5 biggest mistakes you are making as a creative director

As a creative director you wear numerous hats - people manager, creative genius, inspiring leader and product delivery guy or gal, to name a few.

You provide team leadership that motivates and portrays the mission, vision and values of the business, and you are in charge of steering your team towards imagining, designing, creating, illustrating, writing and editing the best creative out there.

But during the creative process, it's easy to let some bad practices hamper your efficiency and affect your campaigns. If any of the below sound familiar to you, it could be time to shape up.

  1. You don't give equal opportunities to people 

Think back to your days as a working creative. Chances are your creative director at the time had a bit of a clique who spent time together both in and out of the office. They probably also got the pick of the biggest and best tasks and got favoured for certain jobs, which doesn't feel good for anyone left out of the huddle.

Now that you are a creative director, the top projects shouldn’t be destined for your inner circle only. Of course you might have some star designers who you know will produce the work you need to fastest and the best, but your job is about teaching people as much as it is about leading the creative process. Connect the whole team with a project and recognise individual talent.

Over time, your staff will feel valued, get better and expand beyond their comfort zones, which inevitably leads to them producing top quality work.

  1. You don't listen to constructive criticism  

When people are ignored after contributing their opinions and thoughts on a topic, they aren't likely to contribute again. Having a team of people who won't speak their minds is like having a one-way ticket to disaster town. Thankfully, you can change the course of this path by actively listening and responding when co-workers or staff offer their opinion. But in order for this to happen, you have to ask.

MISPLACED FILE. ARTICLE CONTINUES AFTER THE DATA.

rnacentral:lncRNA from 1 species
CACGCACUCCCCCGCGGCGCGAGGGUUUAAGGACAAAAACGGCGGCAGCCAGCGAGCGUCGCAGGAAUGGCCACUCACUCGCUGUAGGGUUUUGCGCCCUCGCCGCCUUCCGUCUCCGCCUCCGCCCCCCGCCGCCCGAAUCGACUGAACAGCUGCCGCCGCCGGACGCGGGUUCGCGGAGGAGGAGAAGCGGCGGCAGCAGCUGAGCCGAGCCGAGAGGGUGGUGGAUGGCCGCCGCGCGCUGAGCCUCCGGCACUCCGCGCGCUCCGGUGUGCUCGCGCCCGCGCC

As creative director, you should constantly be seeking constructive feedback from those on the team. If you simply promote your own opinion and look down on others' ideas, you'll drive away the people you need the most.

  1. You don't help your team manage overtime 

In many circumstances - particularly in Asia - employees who regularly work overtime aren't producing quality work. They stay behind because it's often expected of them in traditional workplaces, but instead of working they will be browsing the Internet or doing personal affairs. It's the plague of 'presenteeism' and it's hugely affecting staff productivity across the region.

In agencies or brands, it is imperative that this is managed. Of course staying late is going to be necessary relatively frequently - and your staff know that - but it's your job to make sure the team is well-rested enough to come back tomorrow to keep producing quality work. You can't afford the unwarranted operational costs and interruptions that an unbalance work-life scenario brings to the table, so make sure you address any and all issues of overtime before it gets out of control.

  1. Creative stress makes you procrastinate  

Procrastination is your biggest enemy. Unfortunately, as creative people we know that you can sometimes hit a roadblock during your process, which might cause you to postpone your efforts. As a creative director, this can be a major cause of your creative stress and an impediment to your success as a team leader.

To deal with it, first admit the problem exists. Most of the tasks you postpone are not difficult, but the longer you put them off, the harder they become. Break down a complex project into small tasks, and begin to tackle it piece by piece. Deal with the hard tasks when your focus and energy are at their peak. This will give you confidence to slay the baby dragons later.

  1. You think the Mad Man era was over too quickly

TV shows are not a reflection of real life, but sadly there are creative leaders out there who like to emulate what they see on the silver screen. Taking your management cues from an era that was known for three-martini lunches and casual sexism is not conducive to a healthy modern workplace, and you'll quickly find yourself, your team and your projects falling apart.

If any of these unhealthy practices sound even remotely familiar, they require your urgent attention. Being a creative director is as much about being creative as it is about being a leader, so make sure you bring as much balance as you can to both sides of the equation.

The writer is Priya Bala, regional director of font.

(Photo courtesy: Shutterstock)